Eleven years ago today, I left.
I didn’t have much warning I was leaving– the staff preferred to only give a week’s notice. They didn’t want my eminent departure to give me an “exit mentality,” and it’s one of the first rules of maintaining control of another person: severely limit the information they have access to. The staff at Provo Canyon School were very committed to control.
Provo Canyon School is a lock-down institution for “troubled teens”. They have a website that I don’t care to link here, but you can google it if you want. It’s also interesting to see what pops up when you add keywords like “abuse” or “lawsuit” to your search.
Eleven years is a strange anniversary. It doesn’t have the neatness of 10 years, or the “a lifetime ago” quality of 15. Eleven is too much, and not enough. In ‘This is Spinal Tap,’ Nigel is very proud of his amps that go up to 11– it’s one louder than 10, an extra bit of power for when you need it. I suppose eleven does feel like an extra bit of power, but it’s also slightly ridiculous, a palindromic anniversary. I hesitate to follow that to it’s logical conclusion, because this 11 years certainly would not be the same backwards as forward.
I feel like I should have some pithy things about survival and growing into the self-actualized queer I am today. Some people have asked me, “How do you know that PCS didn’t give you the skills you needed to grow? How do you know that PCS isn’t the key to your survival?” It’s always hard to keep a straight face when I respond. A PCS success story is the bland pinnacle of normal– for the girls, that meant sensible domesticity, (heterosexual) marriage, and children (in that order).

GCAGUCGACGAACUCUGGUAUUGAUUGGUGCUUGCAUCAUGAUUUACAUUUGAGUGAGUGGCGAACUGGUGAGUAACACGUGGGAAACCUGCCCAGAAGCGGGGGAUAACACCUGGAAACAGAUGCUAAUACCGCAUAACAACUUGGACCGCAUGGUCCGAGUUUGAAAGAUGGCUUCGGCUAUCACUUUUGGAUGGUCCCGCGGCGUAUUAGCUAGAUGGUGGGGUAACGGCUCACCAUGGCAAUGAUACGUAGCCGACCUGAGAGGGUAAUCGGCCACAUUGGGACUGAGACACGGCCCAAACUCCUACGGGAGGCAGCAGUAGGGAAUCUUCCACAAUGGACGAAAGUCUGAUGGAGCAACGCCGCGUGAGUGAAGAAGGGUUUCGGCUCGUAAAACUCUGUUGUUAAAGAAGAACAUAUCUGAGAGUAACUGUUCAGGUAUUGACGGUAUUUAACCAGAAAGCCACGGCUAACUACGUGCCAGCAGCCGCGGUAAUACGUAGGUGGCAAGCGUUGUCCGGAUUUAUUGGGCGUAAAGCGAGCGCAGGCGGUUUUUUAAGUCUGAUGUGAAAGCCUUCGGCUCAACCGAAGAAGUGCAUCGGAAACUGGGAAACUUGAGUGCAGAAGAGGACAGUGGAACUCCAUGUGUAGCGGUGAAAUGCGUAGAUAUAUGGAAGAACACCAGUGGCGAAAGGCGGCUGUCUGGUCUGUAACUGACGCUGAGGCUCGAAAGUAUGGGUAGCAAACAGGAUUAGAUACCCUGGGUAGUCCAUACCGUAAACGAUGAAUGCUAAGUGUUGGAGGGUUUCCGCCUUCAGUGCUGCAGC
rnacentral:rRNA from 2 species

The person I’ve grown into is exactly the person that PCS tried to kill. It was the realization that PCS wanted to kill that part of me that gave me the strength to hold on while I was there, to preserve myself deep within my skin and fight back against their poison once I was released. They said they knew I was the enemy, and deep down, I knew that they were wrong.
Last year, on my ten year anniversary, I wrote a post to the teens that are still locked up in private facilities–or really, I wrote to the recent releases, because there’s no way anyone incarcerated in one of these institutions has access to the internet, let alone to this blog. Remember what I said about the staff being committed to control?
From where I am now, I try to do what I can to educate people about the existence of places like PCS. It’s always a bit chilling for me when someone responds, “I had no clue things like that still happened.” Eleven years later, and I can still see the threads of control, and the way that the troubled teen industry limits and controls the information that the outside world can access about what goes on within their walls.
Still, for all their efforts, they can’t control those of us who survived, and they can’t stop us from speaking out.